Bathing Room

A room that shares a common wall with the water closet also is located at the rear of the building’s northeastern-most section. Like the water closet, this chamber is also accessed via the vestibule located off of the rear porch. It also can be entered through a doorway that leads directly into a larger room that historically has been identified as having been used as a study by Dr. Joseph Ruggles Wilson, Woodrow Wilson’s father. Given the presence of the “Y”-shaped waste pipe that services both chambers this room is believed to have been used originally as a bathing room.

HS-1 Change over time

Image courtesy of John Milner Associates, Inc.

As with other aspects of the house, the former bathing room has been altered over time to better accommodate the needs of later occupants. The greatest change took place in 1929, when the room’s wood floor was replaced with one made of reinforced concrete, a change intended to help fireproof the enhanced cellar below it that now contained the structure’s modern, oil-burning furnace. Fortunately, this major change was documented by John McKinnon, presumably the worker responsible for it when he embellished the still-wet concrete with the inscription, “John McKinnon/August 28, ‘29/Vivian Caudle.”

Following the Civil War, tubs for bathing came in a variety of forms and began to be found in greater numbers in hotels and private homes throughout the United States. By the 1870s, factories were producing cast-iron bathtubs that could be used with or without running water. When running water was available, bathing rooms were often located near kitchen areas where water could be heated through a vessel. At the same time some Americans as well as Europeans believed there were health benefits associated with taking cold baths. It is unknown to what extent this theory was embraced by Columbians in general or by the Wilson family specifically.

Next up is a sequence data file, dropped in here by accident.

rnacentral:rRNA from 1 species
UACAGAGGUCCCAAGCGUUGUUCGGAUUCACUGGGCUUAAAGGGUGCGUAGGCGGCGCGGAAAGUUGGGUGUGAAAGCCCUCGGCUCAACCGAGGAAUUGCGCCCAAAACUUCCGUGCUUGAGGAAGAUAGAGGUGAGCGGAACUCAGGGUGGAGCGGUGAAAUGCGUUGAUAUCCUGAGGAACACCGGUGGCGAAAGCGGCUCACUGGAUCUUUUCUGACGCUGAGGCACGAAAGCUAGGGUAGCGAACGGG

What the room looked like during the Wilson family’s time at the property remains purely speculative. Some Columbia homes during the 1870s certainly featured bathing rooms of some form. It remains unknown if the Wilson family enjoyed the luxury of running water in their home, as no evidence supports that theory. Domestic workers would have been responsible for bringing water, hot or cold, to the bathing room and for cleaning the room after use.

HS-2 Hints on the Drainage and Sewerage of Dwellings, 1884

Image courtesy GoogleBooks,

In a 1969 oral history interview Mrs. John S. (Saluda Van Metre) Dunbar, Sr., a post-Wilson occupant of the house recalled the appearance of the tub arrangement within the property’s second-floor bathing room. It is logical to believe that the same form of metal tub enclosed by a wood apron or surround would have been found within this room, too. Her description aligns with those of bathrooms known to have been in use during the 1870s, as well as other descriptions also illustrated in such design books as that by William Paul Gerhard, Hints on the Drainage and Sewerage of Dwellings, a second edition of which was published in 1884.

Simplistic by 21st-century standards, the fact that the Wilson family enjoyed a room dedicated for bathing in 1872 illustrates sophistication achieved by a certain level of wealth and familiarity with changing national opinions of proper hygiene. Mass production and advertising of name-brand goods including soaps, cleansers, powders, etc., and later bathroom fixtures promoted greater awareness in hygiene and sanitation issues. Many companies commonly found in many households throughout the nation today, were just becoming established during the immediate post-Civil War era. Reconstruction-era Columbians such as the Wilsons were members of this new consumer society.